Less than a month after XLNet overtook BERT, the pole position in natural language understanding changed hands again. RoBERTa is an improved BERT pretraining recipe that beats its forbear, becoming the new state-of-the-art language model — for the moment.

What’s new: Researchers at Facebook AI and from the University of Washington modified BERT to beat the best published results on three popular benchmarks.

Key insight: Since BERT’s debut late last year, success in language modeling has been fueled not only by bigger models but also by an order of magnitude more data, more passes through the training set, and larger batch sizes. RoBERTa shows that these training choices can have a greater impact on performance than advances in model architecture.

How it works: RoBERTa uses the BERT LARGE configuration (355 million parameters) with an altered pretraining pipeline. Yinhan Liu and her colleagues made the following changes:

  • Increased training data size from 16Gb to 160Gb by including three additional datasets.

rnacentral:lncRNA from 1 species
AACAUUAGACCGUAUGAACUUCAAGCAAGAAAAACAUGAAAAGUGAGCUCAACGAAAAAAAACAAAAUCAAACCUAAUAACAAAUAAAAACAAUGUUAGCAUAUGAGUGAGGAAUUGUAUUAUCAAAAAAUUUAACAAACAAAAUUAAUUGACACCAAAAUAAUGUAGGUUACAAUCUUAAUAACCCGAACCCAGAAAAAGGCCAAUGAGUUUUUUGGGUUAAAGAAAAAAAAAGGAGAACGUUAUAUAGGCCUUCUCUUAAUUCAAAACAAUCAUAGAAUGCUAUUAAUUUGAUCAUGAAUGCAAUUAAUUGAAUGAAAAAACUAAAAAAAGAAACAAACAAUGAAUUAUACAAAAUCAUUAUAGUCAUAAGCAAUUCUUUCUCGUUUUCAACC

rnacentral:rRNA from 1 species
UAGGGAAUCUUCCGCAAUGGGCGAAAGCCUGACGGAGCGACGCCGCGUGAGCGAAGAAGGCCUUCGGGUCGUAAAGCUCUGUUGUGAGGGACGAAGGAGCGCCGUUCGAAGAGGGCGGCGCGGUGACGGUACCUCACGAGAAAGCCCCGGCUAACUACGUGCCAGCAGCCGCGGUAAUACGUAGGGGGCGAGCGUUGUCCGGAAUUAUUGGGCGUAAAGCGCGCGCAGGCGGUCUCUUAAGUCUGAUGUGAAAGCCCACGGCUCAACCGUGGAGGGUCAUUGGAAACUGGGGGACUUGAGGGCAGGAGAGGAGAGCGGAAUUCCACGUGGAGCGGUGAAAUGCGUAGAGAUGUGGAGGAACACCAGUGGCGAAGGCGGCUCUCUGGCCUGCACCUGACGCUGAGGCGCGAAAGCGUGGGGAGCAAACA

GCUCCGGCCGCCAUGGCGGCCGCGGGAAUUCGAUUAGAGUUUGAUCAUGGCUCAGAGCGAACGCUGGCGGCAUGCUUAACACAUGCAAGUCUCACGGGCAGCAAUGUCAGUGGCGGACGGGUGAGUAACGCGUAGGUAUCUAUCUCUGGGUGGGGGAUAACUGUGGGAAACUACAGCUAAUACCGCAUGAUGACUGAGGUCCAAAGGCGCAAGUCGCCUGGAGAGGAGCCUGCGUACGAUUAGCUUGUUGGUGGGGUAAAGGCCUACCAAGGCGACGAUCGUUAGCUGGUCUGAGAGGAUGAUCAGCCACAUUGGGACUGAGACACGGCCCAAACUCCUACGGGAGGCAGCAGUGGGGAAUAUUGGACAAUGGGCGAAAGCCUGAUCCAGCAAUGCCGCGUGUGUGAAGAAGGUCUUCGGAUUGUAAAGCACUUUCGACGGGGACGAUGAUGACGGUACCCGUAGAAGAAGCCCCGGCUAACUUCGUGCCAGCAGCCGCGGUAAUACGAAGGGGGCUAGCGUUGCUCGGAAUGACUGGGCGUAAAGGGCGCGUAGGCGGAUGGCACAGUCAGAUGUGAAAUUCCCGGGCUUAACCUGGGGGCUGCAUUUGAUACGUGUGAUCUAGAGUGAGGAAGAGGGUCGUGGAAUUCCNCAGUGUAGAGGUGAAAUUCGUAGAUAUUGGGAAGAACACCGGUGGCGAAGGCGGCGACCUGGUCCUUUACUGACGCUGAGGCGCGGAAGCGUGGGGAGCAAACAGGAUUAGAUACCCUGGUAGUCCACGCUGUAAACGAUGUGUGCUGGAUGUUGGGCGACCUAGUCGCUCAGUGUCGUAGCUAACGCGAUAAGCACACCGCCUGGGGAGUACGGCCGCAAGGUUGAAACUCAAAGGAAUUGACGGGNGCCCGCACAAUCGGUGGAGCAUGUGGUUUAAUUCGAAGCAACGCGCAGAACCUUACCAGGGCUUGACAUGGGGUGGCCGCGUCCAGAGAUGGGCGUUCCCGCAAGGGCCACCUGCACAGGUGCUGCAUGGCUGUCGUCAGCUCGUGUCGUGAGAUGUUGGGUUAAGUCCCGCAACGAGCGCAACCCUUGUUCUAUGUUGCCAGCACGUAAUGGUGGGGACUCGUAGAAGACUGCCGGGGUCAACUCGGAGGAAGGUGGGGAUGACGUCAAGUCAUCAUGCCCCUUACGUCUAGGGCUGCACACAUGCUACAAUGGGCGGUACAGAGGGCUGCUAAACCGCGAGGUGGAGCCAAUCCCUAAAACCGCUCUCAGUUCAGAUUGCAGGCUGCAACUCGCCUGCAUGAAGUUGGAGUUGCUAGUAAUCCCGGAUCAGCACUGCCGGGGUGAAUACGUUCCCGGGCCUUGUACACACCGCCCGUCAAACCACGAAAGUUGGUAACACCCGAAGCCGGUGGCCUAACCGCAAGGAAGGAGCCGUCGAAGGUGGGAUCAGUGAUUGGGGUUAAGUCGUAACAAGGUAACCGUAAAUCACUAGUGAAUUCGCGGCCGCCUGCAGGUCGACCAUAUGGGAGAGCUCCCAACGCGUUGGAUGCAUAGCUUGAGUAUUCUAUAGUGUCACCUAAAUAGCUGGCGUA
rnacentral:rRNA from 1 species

• Boosted batch size from 256 sequences to 8,000 sequences per batch.
  • Raised the number of pretraining steps from 31,000 to 500,000.
  • Removed the next sentence prediction (NSP) loss term from the training objective and used full-sentence sequences as input instead of segment pairs.
  • Fine-tuned for two of the nine tasks in the GLUE natural language understanding benchmark as well as for SQuAD (question answering) and RACE (reading comprehension).

Results: RoBERTa achieves state-of-the-art performance on GLUE without multi-task fine tuning, on SQuAD without additional data (unlike BERT and XLNet), and on RACE.

Yes, but: As the authors point out, the comparison would be fairer if XLNet and other language models were fine-tuned as rigorously as RoBERTa. The success of intensive fine-tuning raises the question whether researchers with limited resources can obtain state-of-the-art results in the problems they care about.

Why it matters: The authors show that rigorous tuning of hyperparameters and dataset size can play a decisive role in performance. The study highlights the importance of proper evaluation procedures for all new machine learning techniques.

We’re thinking: Researchers are just beginning to assess the impact of hyperparameter tuning and data set size on complex neural network architectures at scale of 100 to 1,000 million parameters. BERT is an early beneficiary, and there’s much more exploration to be done.


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